Experts say one thing successful marriages have in common is a division of labor. My husband and I have a division of labor: He loses things; I find them.
Of course, he'd never own up to the fact that he's the loser. He's quite adept at arranging things so that it looks like I'm the one who misplaced his vital documents, valuable coupons and favorite pens.For example, he'll make do with a succession of plain old No. 2 school pencils until the day I really dig in and deep-clean our bedroom. Then quite suddenly, he discovers that his indispensable monogrammed mechanical pencil is missing, and he's sure I've swept if off the dresser into the trash bin during one of my overzealous cleaning sprees.
"It was right here a moment ago," he says in the kind of voice that would make a nun feel guilty. "I laid it down just this morning, and now it's gone." (When he says "gone" like that, I know I'm a goner, unless I can quickly recover the item in question.)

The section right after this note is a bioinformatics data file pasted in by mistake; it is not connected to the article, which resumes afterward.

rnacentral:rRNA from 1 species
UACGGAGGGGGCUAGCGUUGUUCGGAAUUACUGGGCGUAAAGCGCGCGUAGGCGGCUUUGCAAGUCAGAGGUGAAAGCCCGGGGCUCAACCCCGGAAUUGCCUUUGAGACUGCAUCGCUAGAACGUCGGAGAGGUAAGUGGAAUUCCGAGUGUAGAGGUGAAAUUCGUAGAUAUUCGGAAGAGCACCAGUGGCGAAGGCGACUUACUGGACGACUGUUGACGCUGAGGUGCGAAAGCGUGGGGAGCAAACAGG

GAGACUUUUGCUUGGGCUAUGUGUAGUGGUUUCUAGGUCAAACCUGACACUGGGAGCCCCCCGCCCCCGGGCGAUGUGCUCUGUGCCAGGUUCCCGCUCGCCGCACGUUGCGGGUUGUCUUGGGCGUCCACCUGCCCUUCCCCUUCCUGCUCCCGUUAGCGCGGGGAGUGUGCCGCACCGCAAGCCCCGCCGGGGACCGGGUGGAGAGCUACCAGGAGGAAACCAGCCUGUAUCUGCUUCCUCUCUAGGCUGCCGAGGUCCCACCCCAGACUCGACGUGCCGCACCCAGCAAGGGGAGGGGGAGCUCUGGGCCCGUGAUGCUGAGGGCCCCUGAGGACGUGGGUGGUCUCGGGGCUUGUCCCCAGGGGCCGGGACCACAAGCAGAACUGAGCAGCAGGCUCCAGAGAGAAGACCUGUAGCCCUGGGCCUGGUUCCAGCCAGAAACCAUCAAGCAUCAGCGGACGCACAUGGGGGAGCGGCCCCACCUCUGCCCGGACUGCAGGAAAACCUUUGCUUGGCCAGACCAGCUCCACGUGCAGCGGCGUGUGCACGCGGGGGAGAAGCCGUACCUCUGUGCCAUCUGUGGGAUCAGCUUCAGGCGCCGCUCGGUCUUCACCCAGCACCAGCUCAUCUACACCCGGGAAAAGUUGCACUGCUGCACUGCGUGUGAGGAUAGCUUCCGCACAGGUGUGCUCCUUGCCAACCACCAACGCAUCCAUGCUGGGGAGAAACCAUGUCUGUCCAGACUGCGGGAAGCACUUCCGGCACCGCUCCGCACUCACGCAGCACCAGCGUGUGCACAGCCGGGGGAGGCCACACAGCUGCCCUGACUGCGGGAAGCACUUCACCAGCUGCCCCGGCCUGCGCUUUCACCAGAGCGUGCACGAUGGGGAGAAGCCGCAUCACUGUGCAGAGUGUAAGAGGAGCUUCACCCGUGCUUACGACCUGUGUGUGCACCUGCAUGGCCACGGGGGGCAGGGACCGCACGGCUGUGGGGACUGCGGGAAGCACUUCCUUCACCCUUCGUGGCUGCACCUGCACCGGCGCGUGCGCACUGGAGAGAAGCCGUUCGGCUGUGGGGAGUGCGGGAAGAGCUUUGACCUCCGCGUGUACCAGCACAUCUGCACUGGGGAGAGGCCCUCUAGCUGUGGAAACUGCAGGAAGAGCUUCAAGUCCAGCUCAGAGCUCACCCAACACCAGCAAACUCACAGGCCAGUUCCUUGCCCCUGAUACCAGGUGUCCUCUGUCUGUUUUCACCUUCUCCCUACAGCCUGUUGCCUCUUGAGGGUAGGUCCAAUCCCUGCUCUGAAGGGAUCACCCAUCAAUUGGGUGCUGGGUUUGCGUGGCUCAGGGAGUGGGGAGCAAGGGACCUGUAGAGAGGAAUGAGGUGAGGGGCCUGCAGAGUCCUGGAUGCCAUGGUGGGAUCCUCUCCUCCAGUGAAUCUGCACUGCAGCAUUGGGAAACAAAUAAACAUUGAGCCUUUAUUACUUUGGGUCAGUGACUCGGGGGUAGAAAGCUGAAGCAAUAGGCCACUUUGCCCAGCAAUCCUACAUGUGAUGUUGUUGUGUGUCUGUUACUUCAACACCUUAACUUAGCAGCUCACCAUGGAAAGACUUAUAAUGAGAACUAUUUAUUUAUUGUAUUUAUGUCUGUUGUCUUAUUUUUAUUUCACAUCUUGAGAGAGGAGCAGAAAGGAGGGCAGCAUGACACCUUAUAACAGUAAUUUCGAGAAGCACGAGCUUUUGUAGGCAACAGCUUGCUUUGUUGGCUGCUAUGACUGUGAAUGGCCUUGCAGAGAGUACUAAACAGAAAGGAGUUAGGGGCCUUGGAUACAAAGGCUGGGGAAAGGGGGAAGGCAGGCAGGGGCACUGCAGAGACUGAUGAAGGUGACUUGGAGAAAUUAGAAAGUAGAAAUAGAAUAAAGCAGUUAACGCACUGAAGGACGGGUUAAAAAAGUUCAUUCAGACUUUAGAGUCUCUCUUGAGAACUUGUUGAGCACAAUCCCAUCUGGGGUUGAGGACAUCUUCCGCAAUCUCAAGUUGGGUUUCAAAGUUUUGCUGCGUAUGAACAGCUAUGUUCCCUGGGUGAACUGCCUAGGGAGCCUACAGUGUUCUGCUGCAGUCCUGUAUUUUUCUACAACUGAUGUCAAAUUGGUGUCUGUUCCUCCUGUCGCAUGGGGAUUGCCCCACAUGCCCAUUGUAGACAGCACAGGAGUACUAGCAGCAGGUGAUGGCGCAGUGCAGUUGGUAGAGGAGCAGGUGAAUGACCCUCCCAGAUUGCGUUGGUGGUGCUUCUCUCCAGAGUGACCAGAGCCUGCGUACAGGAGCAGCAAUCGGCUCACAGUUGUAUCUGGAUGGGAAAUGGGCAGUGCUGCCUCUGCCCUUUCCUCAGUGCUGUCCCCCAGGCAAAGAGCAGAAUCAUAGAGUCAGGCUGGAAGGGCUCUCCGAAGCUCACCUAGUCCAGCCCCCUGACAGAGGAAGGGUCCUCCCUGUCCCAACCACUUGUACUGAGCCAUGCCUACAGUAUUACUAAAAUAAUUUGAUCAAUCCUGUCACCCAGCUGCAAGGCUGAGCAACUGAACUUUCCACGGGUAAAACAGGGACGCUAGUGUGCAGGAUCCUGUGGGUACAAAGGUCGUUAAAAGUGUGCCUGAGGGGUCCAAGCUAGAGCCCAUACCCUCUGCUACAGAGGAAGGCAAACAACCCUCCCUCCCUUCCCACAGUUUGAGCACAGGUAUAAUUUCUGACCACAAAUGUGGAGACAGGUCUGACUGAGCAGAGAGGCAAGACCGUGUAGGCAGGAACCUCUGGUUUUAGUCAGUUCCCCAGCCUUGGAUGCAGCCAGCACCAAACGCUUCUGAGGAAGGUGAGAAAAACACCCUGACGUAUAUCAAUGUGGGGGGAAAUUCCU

With some things, it helps to have a spare around. For example, whenever he misplaces his keys, I just pull out another set on an identical ring. By the time he loses that set, I've usually found the first set, so things work out pretty well. But for other hard-to-match items, that strategy doesn't work.
"Did you check the pockets in your suits?" I ask.
"Of course not. I didn't leave it in one of my suit pockets; I left it on the dresser."
"OK," I say. "Did you check the basket on the refrigerator or look under the bed?"
"I didn't leave it on the fridge or under the bed."
"How about the window sill?"
"Not there, either."
"The end table?"
"Is it all right if I look under the couch cushions?"
"Why would you want to do that when I didn't leave it there?"
"Just where do you want me to look for it?"
"Well, I left it on the dresser. . . . "
"OK, you just sit down here and read the paper," I say, guiding him to the living room so he won't be able to see me rummaging through his closet.
Of course, when I at last find the missing item, he's going to want to know where I found it.
"In your gray pin-striped suit," I let him know.
"Well, I didn't put it there!" he says.